4. Make notes
Lots of them. Do it old school with a pen and paper if you prefer, or use a tool such as the frighteningly brilliant Evernote to keep everything in one place. The advantage of using a digital helping hand is that firstly, you can access and add to your brain-dumps whenever you lay your mitts on a computer or smartphone; secondly, you don’t have to buy a notebook; and thirdly, no-one ever has to get an eyeful of your “whaddya mean you don’t like my heart-shaped i-dots?” handwriting.
The likelihood is that you won’t ever need to look back over most of your observations, because getting au fait in a new job is an ongoing learning process where you reinforce and build on your bank of existing knowledge with every passing day. But having a log of your activities from the word go is as good from a personal development point of view as it is from a confidence perspective.
5. Arrive a little bit early and stay a little bit late
Let’s be clear here: we’re not advocating that loopy trend for having a competition as to who can leave the office last. But arriving five minutes before your scheduled start time, and not slamming your laptop shut with a shriek of ecstasy as the second-hand ticks round to 6pm, makes a good impression, pure and simple. It may well be (if you to work for a startup, for example) that there are no set working hours – in which case, set yourself some sensible ones. At least for the first few weeks.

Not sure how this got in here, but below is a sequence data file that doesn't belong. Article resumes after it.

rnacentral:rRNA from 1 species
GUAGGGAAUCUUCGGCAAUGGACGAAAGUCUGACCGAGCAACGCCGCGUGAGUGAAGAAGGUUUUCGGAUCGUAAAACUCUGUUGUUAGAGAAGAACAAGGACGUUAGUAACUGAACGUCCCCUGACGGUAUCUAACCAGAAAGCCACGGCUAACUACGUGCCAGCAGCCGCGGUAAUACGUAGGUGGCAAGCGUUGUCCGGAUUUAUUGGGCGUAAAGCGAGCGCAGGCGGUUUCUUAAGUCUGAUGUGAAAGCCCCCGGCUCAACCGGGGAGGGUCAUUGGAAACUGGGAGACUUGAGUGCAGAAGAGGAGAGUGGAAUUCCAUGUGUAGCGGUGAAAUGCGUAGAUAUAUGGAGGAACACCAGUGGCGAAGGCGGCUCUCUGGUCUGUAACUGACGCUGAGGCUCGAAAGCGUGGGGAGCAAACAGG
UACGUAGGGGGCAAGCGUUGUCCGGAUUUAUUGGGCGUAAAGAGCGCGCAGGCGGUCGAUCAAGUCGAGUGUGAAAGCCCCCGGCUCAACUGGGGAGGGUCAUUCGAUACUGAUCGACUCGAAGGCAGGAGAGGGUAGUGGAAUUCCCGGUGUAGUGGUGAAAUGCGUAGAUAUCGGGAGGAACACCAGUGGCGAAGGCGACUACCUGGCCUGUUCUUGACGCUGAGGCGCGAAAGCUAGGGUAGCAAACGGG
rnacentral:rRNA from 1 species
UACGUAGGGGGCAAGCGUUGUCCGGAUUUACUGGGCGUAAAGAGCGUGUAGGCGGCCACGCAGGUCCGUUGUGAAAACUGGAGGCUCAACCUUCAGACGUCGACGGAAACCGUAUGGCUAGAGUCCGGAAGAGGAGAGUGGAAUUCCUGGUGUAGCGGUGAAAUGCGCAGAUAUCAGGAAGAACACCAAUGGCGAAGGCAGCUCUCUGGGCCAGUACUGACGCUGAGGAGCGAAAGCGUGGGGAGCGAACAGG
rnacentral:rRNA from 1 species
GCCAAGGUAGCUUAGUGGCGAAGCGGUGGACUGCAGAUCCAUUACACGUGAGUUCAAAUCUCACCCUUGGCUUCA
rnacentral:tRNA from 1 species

5. Get organised
Physical to-do lists are fine and dandy, but there may well be a digital time-management/productivity/note-taking tool in use across the whole company. If there is: get fluent with it toute de suite, mes amis. And the onus is on you to take the initiative and figure out something that suits your style of working if there’s no such prescribed system in place. Free online apps such as Asana and Podio each have their merits, and there’s scope for you to win Mega Bonus Points for suggesting that everyone at the company tries it out for a while to see if it increases their capacity to sell more stuff/help more people/crush more souls [delete as appropriate].
These days, more and more companies are turning to cloud computing over traditional LAN-based systems for ease of access and collaboration. If you’re new to that whole shebang, search online for tips on how to ditch your novice status faster than anyone can say “Google Drive”. Here’s a good one, for starters.
6. Ask for feedback
When your first week draws to an end, any hiring manager worth their salt will schedule a catch-up to see how you feel things are going so far and vice versa. If this doesn’t happen, take it upon yourself to make it happen. Of course, feedback should be a regular thing, but the end of the first week is particularly important and it’s good to set the wheels in motion for a continuing two-way dialogue. Bull, horns, taken.
7. And finally… ALWAYS SALUTE THE CAPTAIN
Everyone loves an “aye aye sir!”.
(Please don’t actually do this unless you are a cabin boy on the Good Ship Lollipop. A jovial “good morning” will do the trick nicely most of the time.)
Gotta get a job before you can nail the first week? You’re in luck, we’ve jobs-a-plenty: